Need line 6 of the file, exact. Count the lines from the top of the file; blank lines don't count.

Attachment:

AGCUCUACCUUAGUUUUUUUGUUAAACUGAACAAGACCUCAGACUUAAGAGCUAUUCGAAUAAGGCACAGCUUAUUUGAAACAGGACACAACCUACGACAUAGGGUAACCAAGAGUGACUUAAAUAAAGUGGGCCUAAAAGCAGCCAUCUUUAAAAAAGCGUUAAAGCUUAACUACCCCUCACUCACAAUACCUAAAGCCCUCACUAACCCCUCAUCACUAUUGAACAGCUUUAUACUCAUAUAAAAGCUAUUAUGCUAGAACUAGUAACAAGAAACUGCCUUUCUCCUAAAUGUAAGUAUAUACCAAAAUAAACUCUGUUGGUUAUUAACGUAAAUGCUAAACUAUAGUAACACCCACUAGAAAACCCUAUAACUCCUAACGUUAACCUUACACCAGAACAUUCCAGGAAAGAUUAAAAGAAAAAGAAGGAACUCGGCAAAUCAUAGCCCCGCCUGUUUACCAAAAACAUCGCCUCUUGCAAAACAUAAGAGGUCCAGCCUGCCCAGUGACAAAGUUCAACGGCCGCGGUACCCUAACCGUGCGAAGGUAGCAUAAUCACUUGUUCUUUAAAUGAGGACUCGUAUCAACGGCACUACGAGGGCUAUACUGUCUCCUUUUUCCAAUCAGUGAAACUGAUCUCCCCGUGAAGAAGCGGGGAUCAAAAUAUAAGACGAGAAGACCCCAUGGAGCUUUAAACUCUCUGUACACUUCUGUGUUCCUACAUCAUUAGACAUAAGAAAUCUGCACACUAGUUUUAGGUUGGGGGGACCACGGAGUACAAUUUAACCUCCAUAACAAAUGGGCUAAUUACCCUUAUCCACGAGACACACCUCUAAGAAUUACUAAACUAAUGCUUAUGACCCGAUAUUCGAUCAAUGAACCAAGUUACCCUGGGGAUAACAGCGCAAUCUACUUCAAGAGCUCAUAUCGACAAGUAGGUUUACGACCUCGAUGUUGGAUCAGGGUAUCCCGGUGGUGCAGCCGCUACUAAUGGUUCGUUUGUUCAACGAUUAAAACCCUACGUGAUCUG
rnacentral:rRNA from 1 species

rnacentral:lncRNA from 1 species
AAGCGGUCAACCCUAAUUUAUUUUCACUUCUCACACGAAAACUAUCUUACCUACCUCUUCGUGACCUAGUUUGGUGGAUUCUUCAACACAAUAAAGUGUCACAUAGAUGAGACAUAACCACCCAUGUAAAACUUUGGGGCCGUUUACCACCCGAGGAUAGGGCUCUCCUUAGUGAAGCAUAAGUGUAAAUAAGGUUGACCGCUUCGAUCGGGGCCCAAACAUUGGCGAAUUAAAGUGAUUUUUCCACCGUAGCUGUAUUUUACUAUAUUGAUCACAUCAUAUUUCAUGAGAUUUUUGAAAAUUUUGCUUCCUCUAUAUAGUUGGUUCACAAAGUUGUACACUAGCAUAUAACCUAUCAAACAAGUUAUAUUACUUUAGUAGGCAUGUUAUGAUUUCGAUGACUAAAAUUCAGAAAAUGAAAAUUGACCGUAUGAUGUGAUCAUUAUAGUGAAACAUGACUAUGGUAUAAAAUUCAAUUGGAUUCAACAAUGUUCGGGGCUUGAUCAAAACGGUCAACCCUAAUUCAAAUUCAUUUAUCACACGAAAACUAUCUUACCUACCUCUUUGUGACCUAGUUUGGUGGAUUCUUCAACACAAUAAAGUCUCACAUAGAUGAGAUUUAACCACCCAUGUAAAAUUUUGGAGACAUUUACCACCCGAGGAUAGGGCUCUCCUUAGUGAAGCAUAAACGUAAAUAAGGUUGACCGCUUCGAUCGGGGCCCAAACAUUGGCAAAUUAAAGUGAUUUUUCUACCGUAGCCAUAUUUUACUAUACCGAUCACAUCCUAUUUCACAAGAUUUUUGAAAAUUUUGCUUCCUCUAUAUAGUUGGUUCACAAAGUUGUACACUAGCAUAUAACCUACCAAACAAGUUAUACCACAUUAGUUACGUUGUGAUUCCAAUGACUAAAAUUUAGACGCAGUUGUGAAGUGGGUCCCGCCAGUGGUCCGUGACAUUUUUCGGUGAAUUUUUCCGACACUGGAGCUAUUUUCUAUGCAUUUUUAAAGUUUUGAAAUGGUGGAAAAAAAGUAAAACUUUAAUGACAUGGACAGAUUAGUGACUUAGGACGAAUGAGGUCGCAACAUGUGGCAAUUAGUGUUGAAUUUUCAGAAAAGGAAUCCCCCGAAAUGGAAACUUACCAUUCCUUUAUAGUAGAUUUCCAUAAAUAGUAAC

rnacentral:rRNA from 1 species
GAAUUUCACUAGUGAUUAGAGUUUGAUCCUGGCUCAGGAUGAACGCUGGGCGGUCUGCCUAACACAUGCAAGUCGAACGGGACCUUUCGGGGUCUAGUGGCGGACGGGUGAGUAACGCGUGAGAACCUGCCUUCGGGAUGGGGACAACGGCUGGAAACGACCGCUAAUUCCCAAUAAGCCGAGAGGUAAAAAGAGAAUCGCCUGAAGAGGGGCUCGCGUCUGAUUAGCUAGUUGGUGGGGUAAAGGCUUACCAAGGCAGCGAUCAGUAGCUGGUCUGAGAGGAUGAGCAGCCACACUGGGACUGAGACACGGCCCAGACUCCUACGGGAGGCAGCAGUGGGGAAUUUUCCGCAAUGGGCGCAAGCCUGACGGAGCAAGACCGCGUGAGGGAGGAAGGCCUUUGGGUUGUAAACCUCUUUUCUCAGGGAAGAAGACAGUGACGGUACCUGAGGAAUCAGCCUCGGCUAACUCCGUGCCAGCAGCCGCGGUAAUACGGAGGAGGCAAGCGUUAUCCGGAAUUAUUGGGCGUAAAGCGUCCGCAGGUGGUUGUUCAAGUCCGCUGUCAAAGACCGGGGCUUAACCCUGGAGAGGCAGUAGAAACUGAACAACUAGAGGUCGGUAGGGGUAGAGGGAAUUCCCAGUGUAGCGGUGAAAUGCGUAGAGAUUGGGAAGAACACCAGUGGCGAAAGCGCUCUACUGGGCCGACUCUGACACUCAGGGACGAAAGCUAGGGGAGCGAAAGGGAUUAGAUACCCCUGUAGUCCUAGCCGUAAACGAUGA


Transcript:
GAAUUUCACUAGUGAUUAGAGUUUGAUCCUGGCUCAGGAUGAACGCUGGGCGGUCUGCCUAACACAUGCAAGUCGAACGGGACCUUUCGGGGUCUAGUGGCGGACGGGUGAGUAACGCGUGAGAACCUGCCUUCGGGAUGGGGACAACGGCUGGAAACGACCGCUAAUUCCCAAUAAGCCGAGAGGUAAAAAGAGAAUCGCCUGAAGAGGGGCUCGCGUCUGAUUAGCUAGUUGGUGGGGUAAAGGCUUACCAAGGCAGCGAUCAGUAGCUGGUCUGAGAGGAUGAGCAGCCACACUGGGACUGAGACACGGCCCAGACUCCUACGGGAGGCAGCAGUGGGGAAUUUUCCGCAAUGGGCGCAAGCCUGACGGAGCAAGACCGCGUGAGGGAGGAAGGCCUUUGGGUUGUAAACCUCUUUUCUCAGGGAAGAAGACAGUGACGGUACCUGAGGAAUCAGCCUCGGCUAACUCCGUGCCAGCAGCCGCGGUAAUACGGAGGAGGCAAGCGUUAUCCGGAAUUAUUGGGCGUAAAGCGUCCGCAGGUGGUUGUUCAAGUCCGCUGUCAAAGACCGGGGCUUAACCCUGGAGAGGCAGUAGAAACUGAACAACUAGAGGUCGGUAGGGGUAGAGGGAAUUCCCAGUGUAGCGGUGAAAUGCGUAGAGAUUGGGAAGAACACCAGUGGCGAAAGCGCUCUACUGGGCCGACUCUGACACUCAGGGACGAAAGCUAGGGGAGCGAAAGGGAUUAGAUACCCCUGUAGUCCUAGCCGUAAACGAUGA